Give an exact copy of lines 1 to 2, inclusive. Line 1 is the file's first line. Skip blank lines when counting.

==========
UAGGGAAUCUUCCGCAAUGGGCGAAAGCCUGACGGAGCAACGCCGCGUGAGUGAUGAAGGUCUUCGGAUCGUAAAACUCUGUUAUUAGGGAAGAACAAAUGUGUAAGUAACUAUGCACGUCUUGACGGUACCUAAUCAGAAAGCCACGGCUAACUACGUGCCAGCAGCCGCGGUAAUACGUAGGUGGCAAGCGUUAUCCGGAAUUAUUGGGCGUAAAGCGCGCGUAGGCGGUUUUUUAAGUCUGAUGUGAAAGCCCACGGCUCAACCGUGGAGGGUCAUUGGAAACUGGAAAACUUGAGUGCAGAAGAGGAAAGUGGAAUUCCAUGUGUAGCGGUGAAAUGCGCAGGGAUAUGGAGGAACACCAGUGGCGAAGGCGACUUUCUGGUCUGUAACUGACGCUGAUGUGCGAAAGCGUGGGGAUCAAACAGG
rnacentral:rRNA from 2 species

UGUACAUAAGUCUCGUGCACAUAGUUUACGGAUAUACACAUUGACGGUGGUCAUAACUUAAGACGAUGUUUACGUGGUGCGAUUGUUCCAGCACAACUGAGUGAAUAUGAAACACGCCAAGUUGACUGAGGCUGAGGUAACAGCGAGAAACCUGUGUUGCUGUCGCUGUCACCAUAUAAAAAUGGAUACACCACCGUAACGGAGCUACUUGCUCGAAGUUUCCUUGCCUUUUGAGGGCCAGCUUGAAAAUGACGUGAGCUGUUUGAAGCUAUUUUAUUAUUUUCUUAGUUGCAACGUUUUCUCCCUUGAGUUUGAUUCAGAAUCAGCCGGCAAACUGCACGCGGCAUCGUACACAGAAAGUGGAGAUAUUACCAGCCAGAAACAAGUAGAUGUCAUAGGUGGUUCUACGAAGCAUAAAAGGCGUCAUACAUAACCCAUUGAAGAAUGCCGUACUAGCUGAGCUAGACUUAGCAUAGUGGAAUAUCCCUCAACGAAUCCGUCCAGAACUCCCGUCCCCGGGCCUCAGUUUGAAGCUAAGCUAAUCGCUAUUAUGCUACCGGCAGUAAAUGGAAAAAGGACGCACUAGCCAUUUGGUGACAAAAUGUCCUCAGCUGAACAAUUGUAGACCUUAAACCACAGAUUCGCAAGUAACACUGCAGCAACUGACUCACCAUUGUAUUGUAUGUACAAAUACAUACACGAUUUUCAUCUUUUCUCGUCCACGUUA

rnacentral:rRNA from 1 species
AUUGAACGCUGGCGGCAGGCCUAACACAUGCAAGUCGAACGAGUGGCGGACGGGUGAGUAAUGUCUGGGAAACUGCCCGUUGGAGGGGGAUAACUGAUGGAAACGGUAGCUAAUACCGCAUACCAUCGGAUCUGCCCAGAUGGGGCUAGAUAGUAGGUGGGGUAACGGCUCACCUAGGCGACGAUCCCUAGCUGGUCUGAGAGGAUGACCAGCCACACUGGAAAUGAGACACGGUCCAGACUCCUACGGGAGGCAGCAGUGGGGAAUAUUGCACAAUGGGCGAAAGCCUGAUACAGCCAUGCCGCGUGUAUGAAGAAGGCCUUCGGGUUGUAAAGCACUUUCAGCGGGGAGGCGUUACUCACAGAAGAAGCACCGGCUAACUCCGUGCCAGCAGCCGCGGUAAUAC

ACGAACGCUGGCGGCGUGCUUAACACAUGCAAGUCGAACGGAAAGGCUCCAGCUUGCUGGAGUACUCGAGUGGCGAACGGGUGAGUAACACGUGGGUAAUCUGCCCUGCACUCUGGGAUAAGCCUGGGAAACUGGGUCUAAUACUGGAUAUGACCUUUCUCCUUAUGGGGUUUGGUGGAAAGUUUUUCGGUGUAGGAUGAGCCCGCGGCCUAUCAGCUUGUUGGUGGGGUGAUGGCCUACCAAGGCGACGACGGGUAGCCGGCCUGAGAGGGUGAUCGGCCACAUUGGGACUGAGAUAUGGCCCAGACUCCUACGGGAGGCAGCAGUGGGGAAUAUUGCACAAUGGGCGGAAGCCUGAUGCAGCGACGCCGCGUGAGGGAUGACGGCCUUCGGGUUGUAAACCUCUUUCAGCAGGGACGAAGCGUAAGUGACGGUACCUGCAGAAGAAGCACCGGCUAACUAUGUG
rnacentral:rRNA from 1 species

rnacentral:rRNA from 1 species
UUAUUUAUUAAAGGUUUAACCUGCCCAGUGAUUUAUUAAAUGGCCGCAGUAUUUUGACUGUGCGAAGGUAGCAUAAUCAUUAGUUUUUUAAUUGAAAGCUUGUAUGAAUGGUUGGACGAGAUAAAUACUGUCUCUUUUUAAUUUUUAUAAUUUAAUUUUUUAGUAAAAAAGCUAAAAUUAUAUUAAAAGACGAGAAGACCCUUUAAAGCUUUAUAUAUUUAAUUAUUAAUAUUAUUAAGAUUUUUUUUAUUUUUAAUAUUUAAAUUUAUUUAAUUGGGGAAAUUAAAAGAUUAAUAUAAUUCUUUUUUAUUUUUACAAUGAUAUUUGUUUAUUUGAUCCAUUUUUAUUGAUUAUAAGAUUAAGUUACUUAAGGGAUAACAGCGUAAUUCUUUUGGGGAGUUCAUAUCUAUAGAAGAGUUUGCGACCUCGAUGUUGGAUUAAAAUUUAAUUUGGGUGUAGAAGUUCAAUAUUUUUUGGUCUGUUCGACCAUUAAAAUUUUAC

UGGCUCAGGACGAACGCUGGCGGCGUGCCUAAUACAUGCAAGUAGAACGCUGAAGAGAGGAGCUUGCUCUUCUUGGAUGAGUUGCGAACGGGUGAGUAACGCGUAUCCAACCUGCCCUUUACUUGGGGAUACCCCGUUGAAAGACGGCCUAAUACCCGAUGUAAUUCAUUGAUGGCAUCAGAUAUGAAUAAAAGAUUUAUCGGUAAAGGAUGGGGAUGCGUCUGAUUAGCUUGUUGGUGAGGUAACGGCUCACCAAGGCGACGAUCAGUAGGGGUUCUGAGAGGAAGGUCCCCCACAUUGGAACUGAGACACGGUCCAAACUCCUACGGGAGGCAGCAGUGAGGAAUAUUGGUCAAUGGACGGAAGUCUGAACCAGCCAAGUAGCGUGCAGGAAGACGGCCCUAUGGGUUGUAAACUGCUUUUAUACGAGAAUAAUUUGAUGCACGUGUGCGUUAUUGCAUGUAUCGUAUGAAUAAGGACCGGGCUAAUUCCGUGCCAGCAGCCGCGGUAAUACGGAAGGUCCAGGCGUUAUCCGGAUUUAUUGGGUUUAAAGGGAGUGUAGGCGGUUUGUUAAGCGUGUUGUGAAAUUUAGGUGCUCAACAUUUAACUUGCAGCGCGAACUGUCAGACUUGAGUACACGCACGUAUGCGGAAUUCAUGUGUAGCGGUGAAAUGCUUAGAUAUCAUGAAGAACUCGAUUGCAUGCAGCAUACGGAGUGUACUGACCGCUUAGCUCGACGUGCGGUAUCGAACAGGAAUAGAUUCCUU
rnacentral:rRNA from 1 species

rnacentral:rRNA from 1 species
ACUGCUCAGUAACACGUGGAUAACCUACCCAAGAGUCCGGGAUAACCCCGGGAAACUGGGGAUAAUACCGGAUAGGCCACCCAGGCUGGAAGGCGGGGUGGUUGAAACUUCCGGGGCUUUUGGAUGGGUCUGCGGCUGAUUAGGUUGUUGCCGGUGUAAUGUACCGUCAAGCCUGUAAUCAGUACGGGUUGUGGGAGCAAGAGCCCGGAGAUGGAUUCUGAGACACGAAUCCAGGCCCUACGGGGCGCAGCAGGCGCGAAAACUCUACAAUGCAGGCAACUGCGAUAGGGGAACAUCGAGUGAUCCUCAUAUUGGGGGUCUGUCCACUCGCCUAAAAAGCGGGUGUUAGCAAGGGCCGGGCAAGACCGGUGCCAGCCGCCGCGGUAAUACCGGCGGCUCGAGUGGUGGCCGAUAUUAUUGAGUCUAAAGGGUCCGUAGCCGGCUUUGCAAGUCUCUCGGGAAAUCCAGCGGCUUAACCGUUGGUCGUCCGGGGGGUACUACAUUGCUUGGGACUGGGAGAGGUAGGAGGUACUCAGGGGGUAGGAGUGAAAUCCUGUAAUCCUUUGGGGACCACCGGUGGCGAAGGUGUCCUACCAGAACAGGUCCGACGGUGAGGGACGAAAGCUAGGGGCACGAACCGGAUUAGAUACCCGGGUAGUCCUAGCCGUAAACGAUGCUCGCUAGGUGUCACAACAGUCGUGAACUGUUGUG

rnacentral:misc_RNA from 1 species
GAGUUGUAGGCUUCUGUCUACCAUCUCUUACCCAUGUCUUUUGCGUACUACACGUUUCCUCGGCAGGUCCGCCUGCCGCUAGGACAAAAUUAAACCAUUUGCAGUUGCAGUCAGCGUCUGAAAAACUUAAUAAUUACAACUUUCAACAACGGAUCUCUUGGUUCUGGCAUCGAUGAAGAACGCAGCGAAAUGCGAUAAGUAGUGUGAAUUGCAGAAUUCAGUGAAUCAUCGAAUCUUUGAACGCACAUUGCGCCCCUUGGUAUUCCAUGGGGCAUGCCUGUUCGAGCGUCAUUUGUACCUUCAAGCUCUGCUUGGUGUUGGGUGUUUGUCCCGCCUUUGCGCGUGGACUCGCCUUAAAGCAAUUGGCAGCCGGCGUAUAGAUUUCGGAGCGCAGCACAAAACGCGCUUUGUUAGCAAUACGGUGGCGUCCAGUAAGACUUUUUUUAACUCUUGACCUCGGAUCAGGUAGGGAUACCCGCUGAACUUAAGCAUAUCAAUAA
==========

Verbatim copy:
UAGGGAAUCUUCCGCAAUGGGCGAAAGCCUGACGGAGCAACGCCGCGUGAGUGAUGAAGGUCUUCGGAUCGUAAAACUCUGUUAUUAGGGAAGAACAAAUGUGUAAGUAACUAUGCACGUCUUGACGGUACCUAAUCAGAAAGCCACGGCUAACUACGUGCCAGCAGCCGCGGUAAUACGUAGGUGGCAAGCGUUAUCCGGAAUUAUUGGGCGUAAAGCGCGCGUAGGCGGUUUUUUAAGUCUGAUGUGAAAGCCCACGGCUCAACCGUGGAGGGUCAUUGGAAACUGGAAAACUUGAGUGCAGAAGAGGAAAGUGGAAUUCCAUGUGUAGCGGUGAAAUGCGCAGGGAUAUGGAGGAACACCAGUGGCGAAGGCGACUUUCUGGUCUGUAACUGACGCUGAUGUGCGAAAGCGUGGGGAUCAAACAGG
rnacentral:rRNA from 2 species